The recent series of Naxal attacks highlight the paradox of the internal security in India. Unlike virtually any other country in the world, we face daunting security challenges while being presented with extraordinary economic development opportunities. Our globally acknowledged growth story is marred by a very real and present danger in the form of Naxal militancy and fundamentalist terrorism, which are two distinct show-stoppers if not dealt with a sense of determined and sustained urgency. The sheer scale of the challenge, however, poses the fundamental question of whether we should be thinking of incorporating new stakeholders into the campaign.
Taking a page from the US operations in Iraq—where an overwhelmingly powerful army crushed the existing regime, only to find itself struggling to manage the ensuing peace process—brings a realization that perhaps a transition phase is imperative between phases of conflict and prosperity. But managing a conflict and facilitating prosperity require very different skill sets.
As Thomas Barnett, adviser to the Pentagon, points out, the strategic purpose of security forces hinges on menacing and punitive response to events threatening national security. By their very nature, such a response is focused on rapid, and, if necessary, violent degradation of opposing forces. In our case, these would be operations against the Naxal militants. The emphasis is on speed of operations, often unilateral in nature, using a young force whose core training is in destructive operations.
Building prosperity, however, requires different mind and skill sets. This calls for non-threatening, long-term, continuous and economically self-sustaining operations. It focuses on capacity-building rather than capturing power centres. This has to be a deliberate, multilateral and inclusive set of activities carried out by a mature body of people. People who can spot growth opportunities and empower the affected districts to create an environment that is preventive to militancy, rather than punitive towards it.
Fortunately India has an opportunity to leverage the proven wealth generating capabilities of its entrepreneurs, companies and non-governmental organizations and use burgeoning economic growth as a weapon against militancy and anti-national activities. Devil’s advocates could have arguments against this. Primary among them would be a concern of exploitation by companies, which is also advocated as a raison d’être of militancy in the first place. Conflicts of interest between industries such as mining and the population of forested areas are a fact. That argument, however, is facetious in the face of mobile penetration, microfinance and information technology-assisted education and several other similar transformations that have multiplied the wealth of countless districts—with minimal collateral consequences.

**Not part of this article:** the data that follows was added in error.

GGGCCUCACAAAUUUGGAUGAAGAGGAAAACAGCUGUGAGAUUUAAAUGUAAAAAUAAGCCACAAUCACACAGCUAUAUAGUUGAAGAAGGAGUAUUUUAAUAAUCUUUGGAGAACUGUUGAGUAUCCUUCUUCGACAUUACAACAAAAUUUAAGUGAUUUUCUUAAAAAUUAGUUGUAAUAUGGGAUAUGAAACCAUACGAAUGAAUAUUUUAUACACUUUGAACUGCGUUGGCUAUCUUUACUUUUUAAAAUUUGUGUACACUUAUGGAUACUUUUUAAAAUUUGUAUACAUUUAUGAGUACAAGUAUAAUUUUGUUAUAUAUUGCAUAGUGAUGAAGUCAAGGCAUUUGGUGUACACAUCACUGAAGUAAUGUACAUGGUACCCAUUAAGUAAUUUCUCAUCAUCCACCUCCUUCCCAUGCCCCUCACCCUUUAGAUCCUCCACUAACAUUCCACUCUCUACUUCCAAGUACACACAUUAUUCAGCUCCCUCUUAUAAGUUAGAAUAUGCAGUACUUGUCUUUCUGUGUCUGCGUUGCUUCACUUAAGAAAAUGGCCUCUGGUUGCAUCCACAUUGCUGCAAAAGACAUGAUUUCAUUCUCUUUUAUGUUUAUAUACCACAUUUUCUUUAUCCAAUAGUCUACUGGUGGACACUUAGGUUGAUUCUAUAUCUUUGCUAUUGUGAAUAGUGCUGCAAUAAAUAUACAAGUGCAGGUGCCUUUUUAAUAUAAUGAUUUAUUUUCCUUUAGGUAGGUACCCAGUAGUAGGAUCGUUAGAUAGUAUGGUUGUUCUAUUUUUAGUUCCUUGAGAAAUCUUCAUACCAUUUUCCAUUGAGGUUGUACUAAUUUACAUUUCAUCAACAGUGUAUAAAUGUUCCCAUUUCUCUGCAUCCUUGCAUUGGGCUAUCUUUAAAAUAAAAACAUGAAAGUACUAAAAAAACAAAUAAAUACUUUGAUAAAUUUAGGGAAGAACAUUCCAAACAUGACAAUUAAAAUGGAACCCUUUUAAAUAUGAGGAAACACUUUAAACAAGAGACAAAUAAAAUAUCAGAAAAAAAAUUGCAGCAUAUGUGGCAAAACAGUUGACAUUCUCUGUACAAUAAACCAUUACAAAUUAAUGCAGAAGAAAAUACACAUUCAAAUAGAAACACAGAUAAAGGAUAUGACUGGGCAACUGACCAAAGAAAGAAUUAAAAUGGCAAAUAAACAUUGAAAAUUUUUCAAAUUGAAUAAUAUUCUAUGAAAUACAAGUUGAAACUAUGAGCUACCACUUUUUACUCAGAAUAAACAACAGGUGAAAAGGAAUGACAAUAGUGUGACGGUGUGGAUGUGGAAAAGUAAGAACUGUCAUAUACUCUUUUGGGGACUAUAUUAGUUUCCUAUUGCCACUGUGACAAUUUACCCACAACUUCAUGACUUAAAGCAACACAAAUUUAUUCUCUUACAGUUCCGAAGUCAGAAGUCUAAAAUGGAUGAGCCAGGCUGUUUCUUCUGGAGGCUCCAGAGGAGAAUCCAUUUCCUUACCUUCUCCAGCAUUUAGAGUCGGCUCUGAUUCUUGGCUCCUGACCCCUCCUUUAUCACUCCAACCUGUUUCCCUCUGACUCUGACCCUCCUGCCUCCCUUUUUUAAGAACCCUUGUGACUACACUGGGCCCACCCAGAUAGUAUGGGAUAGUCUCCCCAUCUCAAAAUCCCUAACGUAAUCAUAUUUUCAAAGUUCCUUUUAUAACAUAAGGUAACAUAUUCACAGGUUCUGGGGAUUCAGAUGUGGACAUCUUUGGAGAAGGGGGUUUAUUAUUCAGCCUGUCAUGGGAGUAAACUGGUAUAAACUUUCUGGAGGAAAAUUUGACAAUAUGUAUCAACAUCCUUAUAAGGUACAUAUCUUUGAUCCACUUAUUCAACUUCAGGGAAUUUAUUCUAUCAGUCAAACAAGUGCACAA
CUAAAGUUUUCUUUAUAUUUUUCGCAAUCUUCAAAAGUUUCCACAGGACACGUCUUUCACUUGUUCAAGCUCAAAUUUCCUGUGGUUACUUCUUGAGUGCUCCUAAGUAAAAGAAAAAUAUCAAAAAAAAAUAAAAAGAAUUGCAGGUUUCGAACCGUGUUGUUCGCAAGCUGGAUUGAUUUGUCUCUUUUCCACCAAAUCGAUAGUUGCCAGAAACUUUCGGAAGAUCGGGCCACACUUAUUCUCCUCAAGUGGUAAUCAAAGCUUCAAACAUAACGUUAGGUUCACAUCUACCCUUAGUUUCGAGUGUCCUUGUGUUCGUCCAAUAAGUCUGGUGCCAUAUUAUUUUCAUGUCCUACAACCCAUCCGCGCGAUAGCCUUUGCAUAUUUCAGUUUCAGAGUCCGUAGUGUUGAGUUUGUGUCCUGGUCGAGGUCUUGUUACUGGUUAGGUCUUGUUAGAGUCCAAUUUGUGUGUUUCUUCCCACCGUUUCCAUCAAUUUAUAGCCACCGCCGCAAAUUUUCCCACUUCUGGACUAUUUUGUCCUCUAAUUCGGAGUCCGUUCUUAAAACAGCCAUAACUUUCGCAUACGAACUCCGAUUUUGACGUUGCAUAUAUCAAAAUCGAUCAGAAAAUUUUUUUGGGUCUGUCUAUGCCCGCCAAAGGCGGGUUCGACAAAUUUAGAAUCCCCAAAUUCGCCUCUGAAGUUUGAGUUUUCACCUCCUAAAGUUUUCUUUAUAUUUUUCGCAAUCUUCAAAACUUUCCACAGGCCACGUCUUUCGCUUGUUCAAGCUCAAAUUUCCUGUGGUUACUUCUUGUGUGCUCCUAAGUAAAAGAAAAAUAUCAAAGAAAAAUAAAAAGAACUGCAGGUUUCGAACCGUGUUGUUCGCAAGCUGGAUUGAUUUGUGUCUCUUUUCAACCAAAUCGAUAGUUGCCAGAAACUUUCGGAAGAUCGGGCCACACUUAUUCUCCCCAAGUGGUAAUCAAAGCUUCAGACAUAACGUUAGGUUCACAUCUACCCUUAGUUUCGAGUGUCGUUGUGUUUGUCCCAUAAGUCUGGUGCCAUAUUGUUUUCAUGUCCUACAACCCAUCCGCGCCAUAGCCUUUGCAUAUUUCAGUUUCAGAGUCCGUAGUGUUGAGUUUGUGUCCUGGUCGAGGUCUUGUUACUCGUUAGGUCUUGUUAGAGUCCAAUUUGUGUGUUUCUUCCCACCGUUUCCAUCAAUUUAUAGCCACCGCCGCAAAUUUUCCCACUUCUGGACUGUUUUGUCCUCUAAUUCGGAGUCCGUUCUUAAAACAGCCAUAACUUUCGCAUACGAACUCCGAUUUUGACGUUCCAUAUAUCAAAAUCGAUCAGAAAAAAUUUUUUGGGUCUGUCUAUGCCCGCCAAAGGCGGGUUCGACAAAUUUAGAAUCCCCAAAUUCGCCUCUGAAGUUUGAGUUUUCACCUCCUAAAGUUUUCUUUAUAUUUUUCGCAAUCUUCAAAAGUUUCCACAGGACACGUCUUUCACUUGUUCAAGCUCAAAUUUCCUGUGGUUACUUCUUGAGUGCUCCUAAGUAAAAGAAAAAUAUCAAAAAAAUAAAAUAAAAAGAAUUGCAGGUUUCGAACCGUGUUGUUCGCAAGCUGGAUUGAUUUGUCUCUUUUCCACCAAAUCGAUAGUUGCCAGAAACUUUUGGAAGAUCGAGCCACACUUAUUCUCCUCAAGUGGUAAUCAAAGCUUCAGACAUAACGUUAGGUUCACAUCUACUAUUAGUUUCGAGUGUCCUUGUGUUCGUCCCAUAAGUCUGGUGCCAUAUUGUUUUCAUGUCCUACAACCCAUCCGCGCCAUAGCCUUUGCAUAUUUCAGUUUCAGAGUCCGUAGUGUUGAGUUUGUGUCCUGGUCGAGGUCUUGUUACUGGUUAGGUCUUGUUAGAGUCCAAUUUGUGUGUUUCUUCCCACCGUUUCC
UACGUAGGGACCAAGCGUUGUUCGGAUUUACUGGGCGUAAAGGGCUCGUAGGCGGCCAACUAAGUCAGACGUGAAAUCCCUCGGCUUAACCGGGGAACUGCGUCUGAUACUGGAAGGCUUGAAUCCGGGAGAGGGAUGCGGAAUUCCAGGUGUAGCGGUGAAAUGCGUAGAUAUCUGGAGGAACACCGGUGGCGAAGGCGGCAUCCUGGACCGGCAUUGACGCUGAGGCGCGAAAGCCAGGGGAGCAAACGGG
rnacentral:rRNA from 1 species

Another argument could be concerns for safety of the participating firms. There have been instances of losses suffered by the latter in projects because of the insecure operating environment in militancy-prone areas. But there are also success stories of businesses thriving in Jammu and Kashmir and the North-East, which illustrate the point that a business model co-opting and including the masses has the power to turn them towards a brighter future. India with its successful resolution of the Punjab militancy— which is not even a memory for Gen X—should know this. So the argument that the environment must be completely secure before companies can enter has a corollary that entry of business opportunities contributes to creating a secure environment.
The question for companies is not whether there is a return on investment in such projects. It is about whether they can afford not to get involved. There is clearly a limit to the growth potential in “secure” zones. When one-third of India’s land mass is in the grip of some form of disturbance, it is only a matter of time before economic growth of the private sector starts hitting a ceiling. Moreover, it is also only a matter of time before militancy from the hinterland spills over into urban “secure” areas.
The challenge for the private sector is to reorganize its business paradigm to specifically target disturbed areas. The numbers work in its favour. Almost all such areas have only a fractional militant composition. Eventually majority of the local population will rally around income generating opportunities. Because militancy by itself cannot generate sustained income. Income brings access to communication facilities such as mobile phones and television, resulting in knowledge and aspiration. Militants focus on disrupting communication networks precisely for this reason.
The recent initiative of rapprochement with Pakistan—Aman ki Asha— initiated by private organizations illustrates the viability of a similar model with internal security as well. If lack of prosperity and development is the foundation of Naxal ideology, then it is an easier nut to crack than differences with Pakistan. And, therefore, if a group of eminent entrepreneurs whose credibility is beyond question were to assure sustainable poverty alleviation programmes in affected areas—after they became peaceful—the ideological platform of Naxal leadership would have no locus standi. The masses would then realize that militant leaders are standing in the way of progress or delaying it for purely selfish purposes. The key is to bridge that trust deficit so that prosperity gets a chance.
Raghu Raman is an expert and a commentator on internal security
Comments are welcome at firstname.lastname@example.org